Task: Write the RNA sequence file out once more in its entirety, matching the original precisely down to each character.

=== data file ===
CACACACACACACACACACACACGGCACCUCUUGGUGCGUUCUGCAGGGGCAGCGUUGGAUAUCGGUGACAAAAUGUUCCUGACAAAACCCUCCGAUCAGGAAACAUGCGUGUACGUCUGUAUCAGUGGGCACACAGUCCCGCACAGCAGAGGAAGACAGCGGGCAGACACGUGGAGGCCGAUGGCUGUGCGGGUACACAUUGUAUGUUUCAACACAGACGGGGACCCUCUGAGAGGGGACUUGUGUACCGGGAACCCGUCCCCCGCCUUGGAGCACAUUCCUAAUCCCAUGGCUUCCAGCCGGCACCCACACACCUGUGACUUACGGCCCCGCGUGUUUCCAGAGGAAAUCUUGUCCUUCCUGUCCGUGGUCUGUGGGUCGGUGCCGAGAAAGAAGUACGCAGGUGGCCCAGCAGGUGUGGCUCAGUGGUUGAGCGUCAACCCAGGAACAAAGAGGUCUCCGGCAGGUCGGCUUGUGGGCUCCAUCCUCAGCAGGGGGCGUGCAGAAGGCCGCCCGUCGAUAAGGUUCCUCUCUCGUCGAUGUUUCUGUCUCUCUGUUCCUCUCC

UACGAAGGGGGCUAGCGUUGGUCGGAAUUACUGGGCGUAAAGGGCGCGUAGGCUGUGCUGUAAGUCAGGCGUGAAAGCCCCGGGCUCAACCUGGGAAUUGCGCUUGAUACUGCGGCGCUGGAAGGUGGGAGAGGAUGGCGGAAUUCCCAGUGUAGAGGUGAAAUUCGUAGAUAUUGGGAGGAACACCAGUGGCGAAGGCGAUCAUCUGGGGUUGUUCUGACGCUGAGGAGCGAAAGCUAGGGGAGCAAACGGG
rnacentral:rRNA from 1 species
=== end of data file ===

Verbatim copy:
CACACACACACACACACACACACGGCACCUCUUGGUGCGUUCUGCAGGGGCAGCGUUGGAUAUCGGUGACAAAAUGUUCCUGACAAAACCCUCCGAUCAGGAAACAUGCGUGUACGUCUGUAUCAGUGGGCACACAGUCCCGCACAGCAGAGGAAGACAGCGGGCAGACACGUGGAGGCCGAUGGCUGUGCGGGUACACAUUGUAUGUUUCAACACAGACGGGGACCCUCUGAGAGGGGACUUGUGUACCGGGAACCCGUCCCCCGCCUUGGAGCACAUUCCUAAUCCCAUGGCUUCCAGCCGGCACCCACACACCUGUGACUUACGGCCCCGCGUGUUUCCAGAGGAAAUCUUGUCCUUCCUGUCCGUGGUCUGUGGGUCGGUGCCGAGAAAGAAGUACGCAGGUGGCCCAGCAGGUGUGGCUCAGUGGUUGAGCGUCAACCCAGGAACAAAGAGGUCUCCGGCAGGUCGGCUUGUGGGCUCCAUCCUCAGCAGGGGGCGUGCAGAAGGCCGCCCGUCGAUAAGGUUCCUCUCUCGUCGAUGUUUCUGUCUCUCUGUUCCUCUCC

UACGAAGGGGGCUAGCGUUGGUCGGAAUUACUGGGCGUAAAGGGCGCGUAGGCUGUGCUGUAAGUCAGGCGUGAAAGCCCCGGGCUCAACCUGGGAAUUGCGCUUGAUACUGCGGCGCUGGAAGGUGGGAGAGGAUGGCGGAAUUCCCAGUGUAGAGGUGAAAUUCGUAGAUAUUGGGAGGAACACCAGUGGCGAAGGCGAUCAUCUGGGGUUGUUCUGACGCUGAGGAGCGAAAGCUAGGGGAGCAAACGGG
rnacentral:rRNA from 1 species